Tuesday, October 25, 2011

31 Days of '81 Horror: Ghost Story (John Irvin)

The premise of Ghost Story, four elderly men with a macabre secret from their past who meet weekly as the Chowder Society, where they tell one another scary stories is rife with potential for evocative subtext leaden spectral vengeance. Does this fifty year old practice really serve as a sort of coping mechanism for their guilty consciousness? Or is it possible subconscious self-punishment? And what happens when the spirits set their sights on the offspring of the Chowder Society members? Perhaps Peter Straub’s bestselling 560 page novel delves into these aspects…or at least is a compelling narrative, because unfortunately, the film adaptation bungles the promising premise and is a tonal mess and a bit of a dirge.

Director John Irvin, who did a fine job with the exciting mercenary film Dogs of War (my review) which was released in February of 1981, and screenwriter Lawrence Cohen (not too be confused with It’s Alive b-movie auteur Larry Cohen), certainly have some high ambitions for the film: dream sequences, long flashback sequences and no strict leading characters, that give it a more novelistic approach than a straight three act structure, but it feels like too much was condensed from the novel to fit a just under two hour running time, resulting in a film that feels too short for its ambitions, but too long for what it actually is. The film opens with an effective sequence showing the four elderly leads (Fred Astaire, John Houseman, Douglas Fairbanks Jr, and Melvyn Douglas) being shaken from their sleep, set to an effectively eerie score by composer Phillipe Sarde. The film has nice snowy atmosphere, but Irvin has no feel for manufacturing thrills or working with special effects, diminishing what should be the film’s strongest moments. From there on, most of the scare tactics are juvenile jump scares and ineffective.

The other major flaw is the film’s schizophrenic tone. A major marketing of the film was the assembled cast from Hollywood’s past, but what’s not accounted for is that with the exception of Douglas none of the foursome is exactly known for their horror chops (though Houseman appeared in 1980’s The Fog and Douglas in The Changeling), and only Houseman actually seems particularly interested in the genre at this point. And sexuality is a major component for a movie starring several elderly people; hopefully the audience who grew up watching Astaire films appreciated their glimpses at a full frontal Craig Wasson!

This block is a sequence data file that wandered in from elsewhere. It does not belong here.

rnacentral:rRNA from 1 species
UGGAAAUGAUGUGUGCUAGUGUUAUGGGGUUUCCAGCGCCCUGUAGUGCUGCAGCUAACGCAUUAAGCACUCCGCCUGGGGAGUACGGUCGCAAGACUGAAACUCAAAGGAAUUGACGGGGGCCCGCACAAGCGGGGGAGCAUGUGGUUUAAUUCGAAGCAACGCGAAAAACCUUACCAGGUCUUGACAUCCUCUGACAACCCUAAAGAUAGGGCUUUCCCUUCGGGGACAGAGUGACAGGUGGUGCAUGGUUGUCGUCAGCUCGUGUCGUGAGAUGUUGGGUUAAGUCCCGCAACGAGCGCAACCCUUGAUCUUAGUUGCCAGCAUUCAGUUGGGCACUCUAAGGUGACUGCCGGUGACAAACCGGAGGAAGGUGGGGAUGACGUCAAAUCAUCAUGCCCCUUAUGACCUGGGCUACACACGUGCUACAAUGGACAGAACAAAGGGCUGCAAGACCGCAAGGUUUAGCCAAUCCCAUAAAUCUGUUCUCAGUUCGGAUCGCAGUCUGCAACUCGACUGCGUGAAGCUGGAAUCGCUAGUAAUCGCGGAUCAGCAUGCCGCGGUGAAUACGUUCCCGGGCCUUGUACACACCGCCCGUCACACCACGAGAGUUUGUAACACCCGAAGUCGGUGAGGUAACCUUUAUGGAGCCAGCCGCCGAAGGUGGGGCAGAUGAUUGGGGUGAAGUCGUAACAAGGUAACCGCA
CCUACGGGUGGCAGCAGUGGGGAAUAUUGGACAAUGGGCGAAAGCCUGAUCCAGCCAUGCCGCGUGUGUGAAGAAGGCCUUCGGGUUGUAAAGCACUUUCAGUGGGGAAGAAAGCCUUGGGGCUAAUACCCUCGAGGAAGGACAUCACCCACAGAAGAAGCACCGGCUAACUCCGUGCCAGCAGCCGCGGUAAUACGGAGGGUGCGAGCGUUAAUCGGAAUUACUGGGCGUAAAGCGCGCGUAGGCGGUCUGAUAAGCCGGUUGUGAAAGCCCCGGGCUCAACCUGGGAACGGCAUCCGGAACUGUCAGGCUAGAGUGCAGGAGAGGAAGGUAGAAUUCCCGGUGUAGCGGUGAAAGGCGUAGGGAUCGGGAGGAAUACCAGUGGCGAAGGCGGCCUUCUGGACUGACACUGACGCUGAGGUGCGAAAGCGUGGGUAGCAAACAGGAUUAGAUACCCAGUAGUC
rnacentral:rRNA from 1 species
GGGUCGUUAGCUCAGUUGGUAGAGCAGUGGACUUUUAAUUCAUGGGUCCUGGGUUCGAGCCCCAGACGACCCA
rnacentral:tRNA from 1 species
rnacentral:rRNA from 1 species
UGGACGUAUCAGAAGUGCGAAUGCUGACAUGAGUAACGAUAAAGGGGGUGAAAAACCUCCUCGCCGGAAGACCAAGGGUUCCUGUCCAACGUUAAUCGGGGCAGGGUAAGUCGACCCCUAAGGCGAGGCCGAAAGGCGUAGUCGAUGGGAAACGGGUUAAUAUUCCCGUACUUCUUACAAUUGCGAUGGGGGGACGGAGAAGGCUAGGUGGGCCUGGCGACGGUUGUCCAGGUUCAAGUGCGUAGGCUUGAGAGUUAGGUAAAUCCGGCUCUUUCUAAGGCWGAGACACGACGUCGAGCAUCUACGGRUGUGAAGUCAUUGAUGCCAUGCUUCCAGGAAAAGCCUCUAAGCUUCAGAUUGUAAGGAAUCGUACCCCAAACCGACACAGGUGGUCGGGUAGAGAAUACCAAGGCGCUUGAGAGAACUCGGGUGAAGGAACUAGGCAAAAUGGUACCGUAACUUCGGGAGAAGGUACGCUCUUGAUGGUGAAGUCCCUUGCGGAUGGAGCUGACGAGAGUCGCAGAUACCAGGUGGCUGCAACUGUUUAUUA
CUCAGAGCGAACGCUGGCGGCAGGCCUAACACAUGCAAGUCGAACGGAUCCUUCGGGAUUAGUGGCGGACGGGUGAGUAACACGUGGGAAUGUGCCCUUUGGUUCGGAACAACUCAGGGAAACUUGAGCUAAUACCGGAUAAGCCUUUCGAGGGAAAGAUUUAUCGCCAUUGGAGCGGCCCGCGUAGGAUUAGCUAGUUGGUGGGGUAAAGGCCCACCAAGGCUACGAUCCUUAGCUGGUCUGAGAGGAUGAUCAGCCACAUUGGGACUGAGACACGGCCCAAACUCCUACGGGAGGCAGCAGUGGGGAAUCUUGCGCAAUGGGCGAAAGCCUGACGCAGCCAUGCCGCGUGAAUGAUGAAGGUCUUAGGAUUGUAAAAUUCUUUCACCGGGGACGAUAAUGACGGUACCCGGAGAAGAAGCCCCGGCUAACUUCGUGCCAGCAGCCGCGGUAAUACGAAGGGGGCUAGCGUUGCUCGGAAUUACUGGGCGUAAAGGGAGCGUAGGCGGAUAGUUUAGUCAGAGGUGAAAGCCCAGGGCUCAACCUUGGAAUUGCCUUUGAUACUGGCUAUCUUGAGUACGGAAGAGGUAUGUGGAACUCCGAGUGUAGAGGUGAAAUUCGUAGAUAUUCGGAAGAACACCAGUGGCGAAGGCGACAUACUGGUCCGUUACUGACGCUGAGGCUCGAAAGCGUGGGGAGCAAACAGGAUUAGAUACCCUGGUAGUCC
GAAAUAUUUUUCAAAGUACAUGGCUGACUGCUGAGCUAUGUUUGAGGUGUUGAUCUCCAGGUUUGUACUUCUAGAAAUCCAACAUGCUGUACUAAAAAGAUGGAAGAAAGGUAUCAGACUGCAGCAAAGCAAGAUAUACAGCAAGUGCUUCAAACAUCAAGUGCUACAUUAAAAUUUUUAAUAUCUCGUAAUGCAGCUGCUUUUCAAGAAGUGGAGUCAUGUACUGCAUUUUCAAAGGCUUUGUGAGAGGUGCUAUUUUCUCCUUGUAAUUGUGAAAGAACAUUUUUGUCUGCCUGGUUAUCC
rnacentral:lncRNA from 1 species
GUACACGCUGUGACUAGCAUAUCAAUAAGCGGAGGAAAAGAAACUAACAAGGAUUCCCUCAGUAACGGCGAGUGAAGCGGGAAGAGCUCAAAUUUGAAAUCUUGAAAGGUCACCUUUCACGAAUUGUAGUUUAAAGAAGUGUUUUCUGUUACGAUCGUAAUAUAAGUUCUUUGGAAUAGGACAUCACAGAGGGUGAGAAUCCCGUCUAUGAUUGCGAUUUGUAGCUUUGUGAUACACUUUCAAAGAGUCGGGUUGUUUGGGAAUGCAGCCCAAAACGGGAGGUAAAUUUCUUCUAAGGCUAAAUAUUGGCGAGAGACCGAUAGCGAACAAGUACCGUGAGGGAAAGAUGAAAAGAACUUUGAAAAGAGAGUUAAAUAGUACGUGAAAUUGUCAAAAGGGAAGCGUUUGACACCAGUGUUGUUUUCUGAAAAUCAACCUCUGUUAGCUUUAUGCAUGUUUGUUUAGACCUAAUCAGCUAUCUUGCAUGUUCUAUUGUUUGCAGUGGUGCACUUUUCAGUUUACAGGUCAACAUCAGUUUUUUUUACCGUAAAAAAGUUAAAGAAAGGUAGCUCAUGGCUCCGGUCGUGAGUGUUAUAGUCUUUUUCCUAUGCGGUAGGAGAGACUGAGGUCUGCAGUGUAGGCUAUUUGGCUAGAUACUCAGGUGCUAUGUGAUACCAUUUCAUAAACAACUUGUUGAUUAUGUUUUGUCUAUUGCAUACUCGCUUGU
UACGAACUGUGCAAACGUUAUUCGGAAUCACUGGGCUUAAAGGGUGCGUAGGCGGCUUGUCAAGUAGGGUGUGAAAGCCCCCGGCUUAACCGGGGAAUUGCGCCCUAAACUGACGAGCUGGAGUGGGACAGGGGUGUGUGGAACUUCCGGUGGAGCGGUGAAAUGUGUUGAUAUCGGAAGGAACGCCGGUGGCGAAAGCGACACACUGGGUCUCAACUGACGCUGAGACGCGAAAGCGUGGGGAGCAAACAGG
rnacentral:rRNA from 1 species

3 comments:

Caffeinated Joe said...

Always wanted to love this, but always felt a bit lost, and bored.

Didn't know there was a book. Maybe I will look into reading it and getting a better handle on the tale.

le0pard13 said...

I did read Peter Straub's source novel when it became a bestseller and felt the adaptation was poorly done. The atmosphere just wasn't there in the film. It does have a solid cast, but this one came up short, surprising for John Irvin. Good look at this one, Colonel. Thanks.

Semetra said...

The novel is evolving and quite complex....oh and scary as hell! But it is way over 500 pages long and would be hard to fit into a time frame that studio would be willing to release at the time. also, I think that some of Lawrence Cohen's screenplay could have been tweaked by Irvin and team. It is a shame that no one has attempted it since, though! I mean in this age of remakes!!!?? I do have a sort of fond attachment to the them film though, because when it came out a SERIOUSLY underaged me and an equally seriously underaged cousin managed to convince my mother to take us to see it. We were lucky she didn't march us right out! I mean at that age...the opening "waving flaccid" is well...interesting. Enjoyed the post, Cheers and Happy Halloween!

Related Posts with Thumbnails